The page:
In 2007, a new Strategic Multisectoral Plan for the Prevention and Control of STI/HIV/AIDS for 2007–2011 was designed based on evidence-based strategies. Most-at-risk populations (MARPs) were included as one of the most important target populations. The Plan proposed nine strategic objectives, including prevention, care, and policy issues. One strategic objective was the reduction of HIV and STIs among MSM, FSW, and prison inmates. The Plan proposed the following activities: promotion and distribution of condoms, advocacy for promotion and access to services, improvement of STI/HIV services, STI/HIV facilities, treatment of STIs, strengthening the peer-educator strategy, and strengthening community-based organizations of MSM and FSW. Since the plan was designed to guide HIV/STI activities for 2007–2011, Global Fund to Fight AIDS, Tuberculosis and Malaria projects in Peru (especially the sixth round) used it as a framework for their activities.[1]

Public health services are the main source of care for HIV/AIDS and STIs in Peru, most of which are delivered by the MOH, regional health authorities, and the social security system. In coordination with the MOH, other state sectors, such as the Ministry of Education and the Ministry for Women and Social Development, have programs directed at educating and protecting adolescents and children and preventing HIV/AIDS by promoting healthy lifestyles and reducing high-risk behaviors. Education efforts for HIV prevention in schools are being implemented as part of activities financed by the Global Fund to Fight AIDS, Tuberculosis and Malaria and the United States Agency for International Development (USAID).[2]

Peruvians living with HIV/AIDS are protected by Law 26626, enacted in 1996, which recognizes fundamental rights of autonomy, confidentiality, and nondiscrimination and guarantees provision of medical treatment according to the state’s capacity. HIV testing for pregnant women is mandatory where there is a risk (although this is criticized by human rights observers), and the state is required to provide integral care (including treatment) to all people living with HIV/AIDS (PLWHA). According to the WHO/UNAIDS/UNICEF Towards Universal Access report, only 48 percent of HIV-infected people in need of antiretroviral therapy (ART) were receiving it in 2007.[2]

The activities supported by the Global Fund represent a large proportion of the investment in HIV/AIDS in the country, though the Government of Peru is funding most of the costs of procuring antiretroviral drugs. Peru has obtained funding for HIV/AIDS activities through the Global Fund’s rounds two, five, and six. The initial activities emphasized the provision of highly active antiretroviral therapy (ART), but later projects emphasized prevention.[2] Peru directs more than 5% of its HIV prevention spending toward prevention programmes for men who have sex with men.[6] An opportunity in these prevention efforts is to target HIV positive individuals through internet communication and cell phone messages to support intervention delivery for HIV treatment adherence and prevention of secondary HIV transmission.[7]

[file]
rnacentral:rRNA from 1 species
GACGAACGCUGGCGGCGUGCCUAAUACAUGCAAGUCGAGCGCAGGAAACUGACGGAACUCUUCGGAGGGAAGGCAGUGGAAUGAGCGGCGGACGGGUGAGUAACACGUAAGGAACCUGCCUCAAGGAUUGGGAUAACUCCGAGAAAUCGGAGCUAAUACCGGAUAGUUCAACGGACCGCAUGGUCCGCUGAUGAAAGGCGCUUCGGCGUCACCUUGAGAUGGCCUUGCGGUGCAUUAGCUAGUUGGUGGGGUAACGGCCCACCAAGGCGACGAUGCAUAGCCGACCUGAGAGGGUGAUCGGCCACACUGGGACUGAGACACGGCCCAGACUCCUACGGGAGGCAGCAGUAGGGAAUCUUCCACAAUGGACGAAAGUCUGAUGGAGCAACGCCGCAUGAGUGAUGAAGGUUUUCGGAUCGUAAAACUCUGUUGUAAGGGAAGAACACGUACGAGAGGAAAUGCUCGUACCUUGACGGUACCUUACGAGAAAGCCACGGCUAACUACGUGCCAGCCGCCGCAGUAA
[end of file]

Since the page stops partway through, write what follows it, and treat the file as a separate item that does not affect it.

The Country Coordinating Mechanism (CCM), established for coordinating activities supported by the Global Fund, is the only multisectoral coordinating mechanism in the country. Under the CCM, governmental ministries, organizations of PLWHA and those affected by TB, nongovernmental organizations, faith-based groups, academia, and international organizations oversee and coordinate Peru’s response to the epidemic. The CCM steered the development of the Strategic Multisectoral Plan for the Prevention and Control of STI/HIV/AIDS for 2007-2011.[2]

There are currently four national organizations of people living with HIV/AIDS in Peru. The group with the largest reported impact of 1,000 people is the Asociación Solas y Unidas, which was founded in 1999. Their principal activities include sexual and reproductive health training, gender and leadership for women living with HIV/AIDS, professional training and career support for impoverished women living with HIV/AIDS, education and training for children affected by HIV/AIDS, and nutritional support for low-income families affected by HIV/AIDS (Directory of Associations of People Living with HIV/AIDS, USAID 2004). Also working with these populations are the Alianza en Accion +, Coordinadora Peruana de Personas Viviendo con VIH/SIDA, and GAM Renacer. Overall, the populations these organizations work with have limited access to anti-retroviral therapies, psychosocial support, home-based services, while there is more access to nutritional guidance and TB screening and treatment through the national Ministry of Health health centers.[8]

USAID Support[edit]

Through USAID, Peru received $1.2 million in fiscal year (FY) 2009 for essential HIV/AIDS programs and services. USAID’s HIV/AIDS programs in Peru are implemented as part of the U.S. President’s Emergency Plan.[2] Thanks to this support, Peru’s health indicators-such as life expectancy, fertility rate, and infant and maternal death rates- have improved steadily over the past several decades. However, troubling differences exist, particularly between rural and urban populations, made worse by poverty and low education levels.[9] Also, there remain to be significant challenges associated with enacting successful prevention efforts in Peru, in particular in the rural regions where there is limited access and where some communities do not even have a word for ‘prevention’.[10]

See also[edit]

References[edit]